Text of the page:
First I needed to drop out of this graphical UI to a terminal, you can’t use the pad for this, you will need a keyboard.

  1. Press F4 to take you to a terminal
  2. Install the pulseaudio-module-bluetooth with the command sudo apt install pulseaudio-module-bluetooth
  3. Add the user to the bluetooth group with the command sudo adduser pi bluetooth
  4. Now we need to tell the Pi to use the connected bluetoooth audio speaker and for this we need to use a text editor, I used Nano as it was already installed: sudo nano /etc/pulse/
  5. Add the line load-module module-switch-on-connect
  6. Save and exit the file
  7. Now we need to tell bluetooth to enable the audio service. Again we need to edit a file: sudo nano /etc/bluetooth/main.conf
  8. Find the [General] section and add the line: Enable=Source,Sink,Media,Socket
  9. Save and exit the file
  10. Reboot the system with sudo reboot
  11. On reboot select configuration on the home screen and select Bluetooth
  12. Select Pair and Connect to Bluetooth Device (make sure that your device is in pairing mode)
  13. Select Configure Bluetooth Connect Mode and then select background

I noticed after starting playing is that I had a black border around my screen. To remove this go to configuration, select raspi-config and then select Display Options, then scroll to Underscan and select No. This won’t affect you if you have this connected to a TV, but it will if connected to a monitor. Once you exit the settings it will ask if you want to reboot, you will need to reboot for this to take effect. Upon reboot the black border is removed.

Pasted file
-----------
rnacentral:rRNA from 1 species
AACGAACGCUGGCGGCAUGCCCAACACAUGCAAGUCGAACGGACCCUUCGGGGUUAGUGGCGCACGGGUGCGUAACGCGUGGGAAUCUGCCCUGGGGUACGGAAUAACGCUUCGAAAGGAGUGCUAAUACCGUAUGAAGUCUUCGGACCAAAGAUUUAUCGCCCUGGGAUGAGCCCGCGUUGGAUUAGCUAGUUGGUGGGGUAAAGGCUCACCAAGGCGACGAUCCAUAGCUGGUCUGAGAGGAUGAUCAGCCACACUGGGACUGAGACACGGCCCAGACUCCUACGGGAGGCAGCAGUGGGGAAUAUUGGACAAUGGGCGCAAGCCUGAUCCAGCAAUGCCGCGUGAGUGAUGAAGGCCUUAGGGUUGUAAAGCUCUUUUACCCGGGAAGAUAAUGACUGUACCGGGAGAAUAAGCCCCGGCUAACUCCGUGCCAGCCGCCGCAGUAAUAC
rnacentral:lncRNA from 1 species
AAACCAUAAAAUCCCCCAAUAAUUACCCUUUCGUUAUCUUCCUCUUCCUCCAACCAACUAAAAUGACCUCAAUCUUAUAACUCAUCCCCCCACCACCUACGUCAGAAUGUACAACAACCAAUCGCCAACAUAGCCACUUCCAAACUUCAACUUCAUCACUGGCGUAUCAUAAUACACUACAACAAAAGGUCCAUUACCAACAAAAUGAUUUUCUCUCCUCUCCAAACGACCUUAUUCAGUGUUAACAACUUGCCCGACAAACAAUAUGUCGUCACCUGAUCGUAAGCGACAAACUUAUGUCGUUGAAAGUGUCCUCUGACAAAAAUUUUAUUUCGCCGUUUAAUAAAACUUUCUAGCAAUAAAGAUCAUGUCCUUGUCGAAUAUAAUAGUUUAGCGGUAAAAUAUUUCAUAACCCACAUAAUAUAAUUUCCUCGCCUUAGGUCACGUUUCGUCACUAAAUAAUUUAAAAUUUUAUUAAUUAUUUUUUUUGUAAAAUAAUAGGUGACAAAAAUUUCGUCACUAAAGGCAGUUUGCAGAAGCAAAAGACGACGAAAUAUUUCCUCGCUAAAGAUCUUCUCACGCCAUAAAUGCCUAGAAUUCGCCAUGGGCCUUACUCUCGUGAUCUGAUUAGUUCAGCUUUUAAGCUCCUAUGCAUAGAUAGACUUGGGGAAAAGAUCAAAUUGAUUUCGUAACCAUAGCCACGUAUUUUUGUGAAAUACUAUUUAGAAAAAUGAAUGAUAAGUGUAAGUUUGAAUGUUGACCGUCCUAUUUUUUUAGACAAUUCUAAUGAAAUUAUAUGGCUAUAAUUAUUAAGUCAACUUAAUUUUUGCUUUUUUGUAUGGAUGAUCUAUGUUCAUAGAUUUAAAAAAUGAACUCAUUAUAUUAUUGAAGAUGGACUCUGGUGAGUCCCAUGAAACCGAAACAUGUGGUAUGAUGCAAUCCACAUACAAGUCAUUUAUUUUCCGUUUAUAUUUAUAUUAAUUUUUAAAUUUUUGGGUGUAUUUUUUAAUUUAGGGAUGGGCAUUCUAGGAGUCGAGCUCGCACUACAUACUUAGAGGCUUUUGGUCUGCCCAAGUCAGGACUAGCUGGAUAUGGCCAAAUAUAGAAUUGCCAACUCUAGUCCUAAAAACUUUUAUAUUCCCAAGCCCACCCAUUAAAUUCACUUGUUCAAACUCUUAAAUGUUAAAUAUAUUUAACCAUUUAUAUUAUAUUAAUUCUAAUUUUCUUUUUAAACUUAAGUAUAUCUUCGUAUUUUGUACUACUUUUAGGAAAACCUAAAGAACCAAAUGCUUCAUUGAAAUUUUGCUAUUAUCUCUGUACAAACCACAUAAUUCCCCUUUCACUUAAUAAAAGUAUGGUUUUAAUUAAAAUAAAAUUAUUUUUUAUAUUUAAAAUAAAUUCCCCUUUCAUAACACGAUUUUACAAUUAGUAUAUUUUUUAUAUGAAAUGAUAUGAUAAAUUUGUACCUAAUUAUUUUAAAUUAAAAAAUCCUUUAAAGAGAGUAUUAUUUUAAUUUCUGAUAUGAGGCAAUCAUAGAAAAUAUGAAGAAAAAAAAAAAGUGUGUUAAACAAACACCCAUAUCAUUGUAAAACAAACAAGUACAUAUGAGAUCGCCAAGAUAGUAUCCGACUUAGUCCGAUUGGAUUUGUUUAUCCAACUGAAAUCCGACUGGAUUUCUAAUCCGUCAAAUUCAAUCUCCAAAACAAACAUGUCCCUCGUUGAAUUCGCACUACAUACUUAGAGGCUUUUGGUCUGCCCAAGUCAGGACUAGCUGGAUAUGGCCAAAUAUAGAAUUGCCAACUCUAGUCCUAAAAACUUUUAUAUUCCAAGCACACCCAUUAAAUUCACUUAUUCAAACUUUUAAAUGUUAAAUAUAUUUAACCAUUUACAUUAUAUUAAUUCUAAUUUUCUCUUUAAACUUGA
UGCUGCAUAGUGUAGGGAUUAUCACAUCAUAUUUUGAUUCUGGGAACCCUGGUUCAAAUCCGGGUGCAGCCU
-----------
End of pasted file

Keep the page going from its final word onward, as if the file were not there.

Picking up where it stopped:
The artwork is not loaded by default and it isn’t clear how to get this, however it is not difficult. When you have your ROMs listed in front of you, press start on your controller and select the Scraper option, then select Scrape Now and all of your ROMs will have their artwork. This is purely optional and only an aesthetic addition. A word of warning is that it will go through each ROM and ask which art you would like or which version of the game it is. If you are like me and have 1000s of ROMs then this is something that you may wish to skip unless you really wish to spend a lot of time configuring your system.